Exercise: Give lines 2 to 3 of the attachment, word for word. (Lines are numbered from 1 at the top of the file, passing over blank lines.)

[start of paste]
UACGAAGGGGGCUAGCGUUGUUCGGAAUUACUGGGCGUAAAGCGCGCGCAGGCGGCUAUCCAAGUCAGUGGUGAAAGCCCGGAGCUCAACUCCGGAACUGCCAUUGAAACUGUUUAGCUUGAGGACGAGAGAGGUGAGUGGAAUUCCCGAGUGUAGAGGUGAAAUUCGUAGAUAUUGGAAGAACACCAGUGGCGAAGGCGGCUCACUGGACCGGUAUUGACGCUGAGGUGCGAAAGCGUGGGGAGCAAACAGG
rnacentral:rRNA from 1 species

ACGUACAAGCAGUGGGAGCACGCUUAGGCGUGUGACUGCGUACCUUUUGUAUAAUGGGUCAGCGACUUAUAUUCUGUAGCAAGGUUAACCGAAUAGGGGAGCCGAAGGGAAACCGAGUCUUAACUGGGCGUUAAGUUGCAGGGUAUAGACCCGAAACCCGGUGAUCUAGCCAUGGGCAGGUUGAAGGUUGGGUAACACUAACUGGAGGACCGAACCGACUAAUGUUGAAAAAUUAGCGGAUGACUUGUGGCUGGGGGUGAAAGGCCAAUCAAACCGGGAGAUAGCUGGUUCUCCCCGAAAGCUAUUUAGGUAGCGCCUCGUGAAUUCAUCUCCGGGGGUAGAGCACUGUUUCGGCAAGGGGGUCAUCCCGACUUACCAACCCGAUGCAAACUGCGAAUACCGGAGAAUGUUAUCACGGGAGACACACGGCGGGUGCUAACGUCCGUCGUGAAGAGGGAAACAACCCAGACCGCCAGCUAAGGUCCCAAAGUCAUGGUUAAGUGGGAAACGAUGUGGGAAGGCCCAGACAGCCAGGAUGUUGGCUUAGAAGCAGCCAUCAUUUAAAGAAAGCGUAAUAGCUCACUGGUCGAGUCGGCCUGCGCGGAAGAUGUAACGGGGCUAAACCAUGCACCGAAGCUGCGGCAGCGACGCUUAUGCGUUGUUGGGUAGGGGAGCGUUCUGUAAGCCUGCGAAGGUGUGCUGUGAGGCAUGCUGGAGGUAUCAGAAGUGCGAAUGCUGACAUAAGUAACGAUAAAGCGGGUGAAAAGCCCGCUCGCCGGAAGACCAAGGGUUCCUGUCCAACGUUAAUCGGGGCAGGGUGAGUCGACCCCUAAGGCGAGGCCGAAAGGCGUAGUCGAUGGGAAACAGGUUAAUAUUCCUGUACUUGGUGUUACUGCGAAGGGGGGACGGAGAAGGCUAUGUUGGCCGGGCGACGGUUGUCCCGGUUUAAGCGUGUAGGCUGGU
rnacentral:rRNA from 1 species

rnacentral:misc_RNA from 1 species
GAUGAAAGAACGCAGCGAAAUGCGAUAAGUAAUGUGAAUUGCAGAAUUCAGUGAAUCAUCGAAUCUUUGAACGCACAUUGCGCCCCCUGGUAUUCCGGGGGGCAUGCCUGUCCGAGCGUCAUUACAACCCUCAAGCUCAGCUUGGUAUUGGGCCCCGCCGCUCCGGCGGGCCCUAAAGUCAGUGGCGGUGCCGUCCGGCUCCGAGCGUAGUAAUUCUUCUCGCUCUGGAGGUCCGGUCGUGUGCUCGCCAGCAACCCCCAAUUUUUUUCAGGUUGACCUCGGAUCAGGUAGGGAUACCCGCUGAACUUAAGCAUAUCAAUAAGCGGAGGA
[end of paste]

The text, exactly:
rnacentral:rRNA from 1 species

ACGUACAAGCAGUGGGAGCACGCUUAGGCGUGUGACUGCGUACCUUUUGUAUAAUGGGUCAGCGACUUAUAUUCUGUAGCAAGGUUAACCGAAUAGGGGAGCCGAAGGGAAACCGAGUCUUAACUGGGCGUUAAGUUGCAGGGUAUAGACCCGAAACCCGGUGAUCUAGCCAUGGGCAGGUUGAAGGUUGGGUAACACUAACUGGAGGACCGAACCGACUAAUGUUGAAAAAUUAGCGGAUGACUUGUGGCUGGGGGUGAAAGGCCAAUCAAACCGGGAGAUAGCUGGUUCUCCCCGAAAGCUAUUUAGGUAGCGCCUCGUGAAUUCAUCUCCGGGGGUAGAGCACUGUUUCGGCAAGGGGGUCAUCCCGACUUACCAACCCGAUGCAAACUGCGAAUACCGGAGAAUGUUAUCACGGGAGACACACGGCGGGUGCUAACGUCCGUCGUGAAGAGGGAAACAACCCAGACCGCCAGCUAAGGUCCCAAAGUCAUGGUUAAGUGGGAAACGAUGUGGGAAGGCCCAGACAGCCAGGAUGUUGGCUUAGAAGCAGCCAUCAUUUAAAGAAAGCGUAAUAGCUCACUGGUCGAGUCGGCCUGCGCGGAAGAUGUAACGGGGCUAAACCAUGCACCGAAGCUGCGGCAGCGACGCUUAUGCGUUGUUGGGUAGGGGAGCGUUCUGUAAGCCUGCGAAGGUGUGCUGUGAGGCAUGCUGGAGGUAUCAGAAGUGCGAAUGCUGACAUAAGUAACGAUAAAGCGGGUGAAAAGCCCGCUCGCCGGAAGACCAAGGGUUCCUGUCCAACGUUAAUCGGGGCAGGGUGAGUCGACCCCUAAGGCGAGGCCGAAAGGCGUAGUCGAUGGGAAACAGGUUAAUAUUCCUGUACUUGGUGUUACUGCGAAGGGGGGACGGAGAAGGCUAUGUUGGCCGGGCGACGGUUGUCCCGGUUUAAGCGUGUAGGCUGGU